(This post contains some graphic descriptions of bodily injury, so if that’s not for you, stop reading now.)
On the first ship I was assigned to, the Sealand Florida, one of the longshoreman lost a finger. It may have been two. We were arriving into port, I think it was Houston or Beaumont and suddenly there is a frantic call to the bridge via radio.
Some mooring lines, the ropes that tether ships of exceptional tonnage of large container ships like the Sealand Florida to a dock, can become so tense when stretched that if they should snap, they have been known to cut a man’s leg clean off with machete preciseness. They can carry so much strength that if you accidentally get your fingers caught against a bulwark and the line, your fingers will leave a mangled, bloody mess.
They sent me, the lucky deck cadet down to escort the injured man via elevator upstairs to the medical room. I remember that this particular longshoreman was one of the youngest members on board, not much older than my nineteen years, and that the space where his fingers should be looked like squished tomatoes. I remember he was crying.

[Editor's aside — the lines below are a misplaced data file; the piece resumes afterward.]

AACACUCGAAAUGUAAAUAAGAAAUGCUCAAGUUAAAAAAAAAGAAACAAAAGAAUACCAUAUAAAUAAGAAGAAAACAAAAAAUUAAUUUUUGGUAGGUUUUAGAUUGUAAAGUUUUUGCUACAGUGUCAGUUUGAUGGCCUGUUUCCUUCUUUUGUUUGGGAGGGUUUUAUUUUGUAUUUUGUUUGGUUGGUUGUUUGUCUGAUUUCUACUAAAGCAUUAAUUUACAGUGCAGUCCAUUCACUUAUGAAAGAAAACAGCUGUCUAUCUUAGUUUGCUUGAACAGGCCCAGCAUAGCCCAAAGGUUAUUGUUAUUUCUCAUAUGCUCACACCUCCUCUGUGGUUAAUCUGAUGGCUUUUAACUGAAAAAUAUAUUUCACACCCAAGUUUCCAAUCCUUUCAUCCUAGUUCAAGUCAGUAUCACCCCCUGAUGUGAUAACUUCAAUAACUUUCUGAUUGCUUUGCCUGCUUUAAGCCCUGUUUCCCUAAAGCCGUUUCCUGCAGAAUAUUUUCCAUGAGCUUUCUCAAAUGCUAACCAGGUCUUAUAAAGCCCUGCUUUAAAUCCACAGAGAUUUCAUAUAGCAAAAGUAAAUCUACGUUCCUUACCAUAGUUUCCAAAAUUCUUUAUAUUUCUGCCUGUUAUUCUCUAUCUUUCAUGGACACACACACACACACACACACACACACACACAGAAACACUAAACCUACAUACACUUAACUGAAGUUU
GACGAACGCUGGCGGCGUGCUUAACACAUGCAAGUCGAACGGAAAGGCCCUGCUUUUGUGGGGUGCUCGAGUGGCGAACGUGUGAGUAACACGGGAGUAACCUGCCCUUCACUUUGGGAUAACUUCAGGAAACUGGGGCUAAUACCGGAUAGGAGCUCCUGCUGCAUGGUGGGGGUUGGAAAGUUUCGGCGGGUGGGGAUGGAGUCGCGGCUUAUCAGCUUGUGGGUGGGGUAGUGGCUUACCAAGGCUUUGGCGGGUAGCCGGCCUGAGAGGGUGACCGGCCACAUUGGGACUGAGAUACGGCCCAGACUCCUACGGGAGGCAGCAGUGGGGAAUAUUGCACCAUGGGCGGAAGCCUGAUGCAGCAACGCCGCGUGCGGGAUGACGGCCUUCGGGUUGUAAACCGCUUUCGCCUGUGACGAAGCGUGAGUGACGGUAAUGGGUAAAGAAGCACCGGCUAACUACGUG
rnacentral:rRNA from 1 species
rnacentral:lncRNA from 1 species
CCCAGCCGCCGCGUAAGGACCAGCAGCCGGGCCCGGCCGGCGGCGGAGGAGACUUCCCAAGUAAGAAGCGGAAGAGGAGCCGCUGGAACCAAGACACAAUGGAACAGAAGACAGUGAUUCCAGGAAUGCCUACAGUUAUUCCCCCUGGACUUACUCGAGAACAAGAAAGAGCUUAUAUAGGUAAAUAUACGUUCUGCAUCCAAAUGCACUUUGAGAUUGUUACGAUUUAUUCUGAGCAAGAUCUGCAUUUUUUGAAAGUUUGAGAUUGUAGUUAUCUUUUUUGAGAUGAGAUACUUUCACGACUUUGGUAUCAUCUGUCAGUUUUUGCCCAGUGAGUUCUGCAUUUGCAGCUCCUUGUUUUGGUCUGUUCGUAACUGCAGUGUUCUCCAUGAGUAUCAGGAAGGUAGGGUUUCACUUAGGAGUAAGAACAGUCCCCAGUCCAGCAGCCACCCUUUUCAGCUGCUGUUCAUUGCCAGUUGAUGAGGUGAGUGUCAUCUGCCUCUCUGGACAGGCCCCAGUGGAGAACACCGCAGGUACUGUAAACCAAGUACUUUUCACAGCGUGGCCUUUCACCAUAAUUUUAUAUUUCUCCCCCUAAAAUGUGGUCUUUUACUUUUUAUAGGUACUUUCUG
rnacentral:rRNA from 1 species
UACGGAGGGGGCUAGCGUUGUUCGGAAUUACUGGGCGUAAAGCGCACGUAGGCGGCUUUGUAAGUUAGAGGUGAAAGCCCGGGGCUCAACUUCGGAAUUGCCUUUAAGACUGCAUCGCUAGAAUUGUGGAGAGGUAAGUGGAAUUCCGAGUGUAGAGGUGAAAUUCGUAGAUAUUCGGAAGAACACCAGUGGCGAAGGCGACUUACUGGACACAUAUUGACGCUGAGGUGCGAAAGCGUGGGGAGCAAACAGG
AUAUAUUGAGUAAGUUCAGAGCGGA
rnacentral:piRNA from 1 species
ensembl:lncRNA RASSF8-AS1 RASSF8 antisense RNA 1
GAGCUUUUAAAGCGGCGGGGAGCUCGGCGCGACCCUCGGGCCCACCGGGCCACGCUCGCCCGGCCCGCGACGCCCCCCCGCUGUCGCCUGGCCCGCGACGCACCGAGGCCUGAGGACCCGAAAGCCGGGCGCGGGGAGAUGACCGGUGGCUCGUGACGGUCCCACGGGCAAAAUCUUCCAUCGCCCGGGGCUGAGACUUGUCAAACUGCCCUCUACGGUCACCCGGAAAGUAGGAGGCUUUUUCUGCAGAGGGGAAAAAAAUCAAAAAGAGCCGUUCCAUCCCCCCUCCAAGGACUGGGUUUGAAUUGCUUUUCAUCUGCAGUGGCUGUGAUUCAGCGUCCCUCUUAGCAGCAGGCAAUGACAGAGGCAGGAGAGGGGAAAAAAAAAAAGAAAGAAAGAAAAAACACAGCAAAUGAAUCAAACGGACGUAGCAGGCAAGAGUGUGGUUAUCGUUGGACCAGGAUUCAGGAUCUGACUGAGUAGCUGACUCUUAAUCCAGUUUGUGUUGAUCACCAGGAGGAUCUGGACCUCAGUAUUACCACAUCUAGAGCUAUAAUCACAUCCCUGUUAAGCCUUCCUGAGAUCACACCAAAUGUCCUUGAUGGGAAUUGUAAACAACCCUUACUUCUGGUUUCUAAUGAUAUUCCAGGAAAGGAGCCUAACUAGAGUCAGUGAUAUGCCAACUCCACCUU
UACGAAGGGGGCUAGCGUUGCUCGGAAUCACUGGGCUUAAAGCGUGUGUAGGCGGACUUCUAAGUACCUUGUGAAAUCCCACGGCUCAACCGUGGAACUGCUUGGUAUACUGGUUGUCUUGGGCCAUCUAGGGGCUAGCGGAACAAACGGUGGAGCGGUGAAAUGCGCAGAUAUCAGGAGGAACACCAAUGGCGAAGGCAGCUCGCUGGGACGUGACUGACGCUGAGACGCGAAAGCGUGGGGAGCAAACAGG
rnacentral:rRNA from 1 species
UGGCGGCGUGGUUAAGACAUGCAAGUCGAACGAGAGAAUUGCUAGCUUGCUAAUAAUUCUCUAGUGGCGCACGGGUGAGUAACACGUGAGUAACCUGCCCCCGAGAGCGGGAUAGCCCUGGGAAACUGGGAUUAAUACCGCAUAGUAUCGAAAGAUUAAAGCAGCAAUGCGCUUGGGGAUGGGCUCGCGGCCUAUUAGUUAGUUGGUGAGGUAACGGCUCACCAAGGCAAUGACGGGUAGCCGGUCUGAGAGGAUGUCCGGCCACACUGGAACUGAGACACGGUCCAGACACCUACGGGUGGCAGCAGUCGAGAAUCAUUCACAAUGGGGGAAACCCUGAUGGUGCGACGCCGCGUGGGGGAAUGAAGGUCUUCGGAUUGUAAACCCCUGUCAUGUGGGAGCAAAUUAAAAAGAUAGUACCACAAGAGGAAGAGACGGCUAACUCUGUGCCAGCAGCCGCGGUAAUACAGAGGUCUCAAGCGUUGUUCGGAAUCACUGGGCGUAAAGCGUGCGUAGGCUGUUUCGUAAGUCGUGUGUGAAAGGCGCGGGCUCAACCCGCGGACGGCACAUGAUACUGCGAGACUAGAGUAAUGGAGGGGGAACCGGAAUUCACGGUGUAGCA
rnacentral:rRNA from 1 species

In my shock and thinking words were useless, I said nothing as we rode up the several flights. I just prayed and wished the elevator would go up faster.
I still regret that. That I said nothing.
But, what do you say to someone in that situation?
Sorry? I hope you feel better? It’s going to be okay?
The Trauma Olympics is when people assert their trauma as a justification for terrible behavior. It’s when people belittle someone else’s pain because it isn’t as large as their own or doesn’t meet their staunch criteria of Things People Should Be Hurt About.
It’s that friend who when you tell them of a recent heartbreak says Well, you should hear what happened to me, trust me, you don’t know heartbreak…
I mean, she’s over here complaining about her family, but I can tell you my family is much worse…